Fox Searchlight, 20th Century Fox’s arthouse film division, is responsible for two of the top Oscar contenders this year: The Shape of Water and Three Billboards Outside Ebbing, Missouri. In the wake of Disney’s attempted $52 billion takeover of Fox, some of Fox Searchlight’s collaborators are deeply concerned that those kinds of films will soon cease to exist.
On stage last night (Jan. 12) to accept the Critics Choice award for best picture, The Shape of Water producer J. Miles Dale publicly called out Disney and its CEO Bob Iger, pleading with the powerful media company to leave Fox Searchlight alone. “I don’t know if Bob Iger is out there or not, I don’t know what’s going to happen with this Disney thing,” he said, “but I urge you not to mess this up.”
“[Fox Searchlight’s] got a good thing going and they rock,” Dale added.
Earlier in the night, The Shape of Water director Guillermo del Toro alluded to the potential deal without specifically naming Disney. He mentioned the fact that companies like Fox Searchlight still exist as something that gives him hope, saying that they’re increasingly a rarity. “We always want to tell stories that matter and are difficult to pitch,” he said. His film is about a mute custodian at a government laboratory who falls in love with an amphibious creature.
Disney’s deal with Fox, announced in December, would give the “Mouse House” control of Fox’s television and film studios, including Fox Searchlight. This immediately worried fans of the Fox indie studio, since Disney is strictly in the business of large, tentpole films (drawing from its Marvel, Lucasfilm, and Pixar divisions) and rarely releases risky, lower-budget awards-friendly fare like The Shape of Water. Disney has not owned an arthouse film branch since 2010, when it sold Miramax after 17 years of ownership.
Considered one of, if not the most prolific arthouse film studio, Fox Searchlight routinely cleans up the awards circuit with smart films from talented filmmakers. In addition to its two major competitors this year, the studio won the Oscar for best picture in 2013 and 2014 for 12 Years a Slave and Birdman, respectively, and in 2009 for Slumdog Millionaire. That’s in addition to Fox’s main film branch, 20th Century Fox, the studio behind even more awards-friendly mid-budget movies of late, including The Post, Hidden Figures, and The Revenant.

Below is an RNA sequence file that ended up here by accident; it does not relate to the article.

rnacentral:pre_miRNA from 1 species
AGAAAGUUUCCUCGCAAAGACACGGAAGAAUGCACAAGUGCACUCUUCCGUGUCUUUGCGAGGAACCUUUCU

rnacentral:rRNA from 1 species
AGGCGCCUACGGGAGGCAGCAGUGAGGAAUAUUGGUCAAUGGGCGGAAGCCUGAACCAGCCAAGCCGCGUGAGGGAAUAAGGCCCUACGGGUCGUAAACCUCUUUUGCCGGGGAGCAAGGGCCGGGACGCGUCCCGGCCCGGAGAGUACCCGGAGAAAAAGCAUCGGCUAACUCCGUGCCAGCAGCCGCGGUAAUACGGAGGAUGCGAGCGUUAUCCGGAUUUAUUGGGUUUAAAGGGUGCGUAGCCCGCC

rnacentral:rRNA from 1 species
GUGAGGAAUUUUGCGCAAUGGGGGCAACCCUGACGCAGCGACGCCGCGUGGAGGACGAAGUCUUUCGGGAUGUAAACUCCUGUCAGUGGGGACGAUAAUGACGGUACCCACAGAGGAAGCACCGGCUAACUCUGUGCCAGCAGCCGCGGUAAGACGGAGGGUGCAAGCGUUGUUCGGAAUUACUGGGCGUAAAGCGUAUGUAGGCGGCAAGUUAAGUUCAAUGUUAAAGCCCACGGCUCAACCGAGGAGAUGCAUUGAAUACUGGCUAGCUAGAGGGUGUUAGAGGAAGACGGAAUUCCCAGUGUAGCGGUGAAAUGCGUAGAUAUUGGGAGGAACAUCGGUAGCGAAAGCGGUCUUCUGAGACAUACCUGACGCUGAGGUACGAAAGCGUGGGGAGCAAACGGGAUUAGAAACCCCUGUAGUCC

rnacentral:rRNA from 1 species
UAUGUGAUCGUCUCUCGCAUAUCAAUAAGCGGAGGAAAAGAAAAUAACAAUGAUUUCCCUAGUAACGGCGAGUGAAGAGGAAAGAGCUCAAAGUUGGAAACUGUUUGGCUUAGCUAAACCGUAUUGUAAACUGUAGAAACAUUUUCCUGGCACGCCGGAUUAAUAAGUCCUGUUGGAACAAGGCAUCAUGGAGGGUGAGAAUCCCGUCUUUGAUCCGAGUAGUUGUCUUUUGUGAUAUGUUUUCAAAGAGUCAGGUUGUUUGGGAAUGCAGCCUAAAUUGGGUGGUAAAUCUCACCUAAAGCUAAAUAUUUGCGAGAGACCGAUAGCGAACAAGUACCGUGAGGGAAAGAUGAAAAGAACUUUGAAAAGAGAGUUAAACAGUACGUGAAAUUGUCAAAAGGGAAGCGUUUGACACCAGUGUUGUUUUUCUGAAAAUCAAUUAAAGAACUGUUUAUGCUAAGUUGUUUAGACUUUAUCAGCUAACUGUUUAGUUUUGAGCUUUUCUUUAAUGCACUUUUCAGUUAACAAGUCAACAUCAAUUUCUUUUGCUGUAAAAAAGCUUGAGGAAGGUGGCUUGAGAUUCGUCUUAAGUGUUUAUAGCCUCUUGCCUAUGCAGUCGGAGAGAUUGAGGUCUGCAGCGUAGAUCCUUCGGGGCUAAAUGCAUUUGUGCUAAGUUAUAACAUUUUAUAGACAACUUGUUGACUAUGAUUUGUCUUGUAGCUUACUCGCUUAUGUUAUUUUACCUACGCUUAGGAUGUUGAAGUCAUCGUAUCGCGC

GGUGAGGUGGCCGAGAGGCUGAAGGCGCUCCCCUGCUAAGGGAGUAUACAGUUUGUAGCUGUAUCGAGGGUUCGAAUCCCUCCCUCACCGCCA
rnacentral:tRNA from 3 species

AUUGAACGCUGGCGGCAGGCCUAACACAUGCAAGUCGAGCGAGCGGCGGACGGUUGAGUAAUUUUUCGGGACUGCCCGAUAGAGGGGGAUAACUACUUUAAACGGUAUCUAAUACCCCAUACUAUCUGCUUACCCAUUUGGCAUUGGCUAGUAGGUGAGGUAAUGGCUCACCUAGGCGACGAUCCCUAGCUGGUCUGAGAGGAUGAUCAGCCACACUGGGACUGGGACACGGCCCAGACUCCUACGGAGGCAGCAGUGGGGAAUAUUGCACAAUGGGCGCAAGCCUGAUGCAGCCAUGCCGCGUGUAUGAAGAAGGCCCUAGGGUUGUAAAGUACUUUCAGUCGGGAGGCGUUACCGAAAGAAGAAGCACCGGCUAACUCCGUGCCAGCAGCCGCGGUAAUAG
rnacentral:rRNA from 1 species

Disney, meanwhile, doesn’t much care about Oscars: It cares about money. The studio discovered that releasing a small amount of big, expensive films is more lucrative than releasing a large number of small films. Disney distributed just eight feature films in 2017, a slate three times smaller than Fox’s film divisions’, and three movies fewer than the output of Fox Searchlight alone. Though Iger has said he “fully intends to stay in [the Fox Searchlight] business,” there’s legitimate anxiety around Hollywood that Disney’s takeover of Fox could not only mean fewer riskier films, but also fewer films for fans to watch in general.
In any event, we won’t know for at least a year. Disney and Fox executives expect the regulatory process to take between 12 and 18 months before the deal can close. One way for Fox Searchlight proponents to help persuade Iger and company to keep their hands off the indie studio in the mean time is to, you know, actually go to the movies.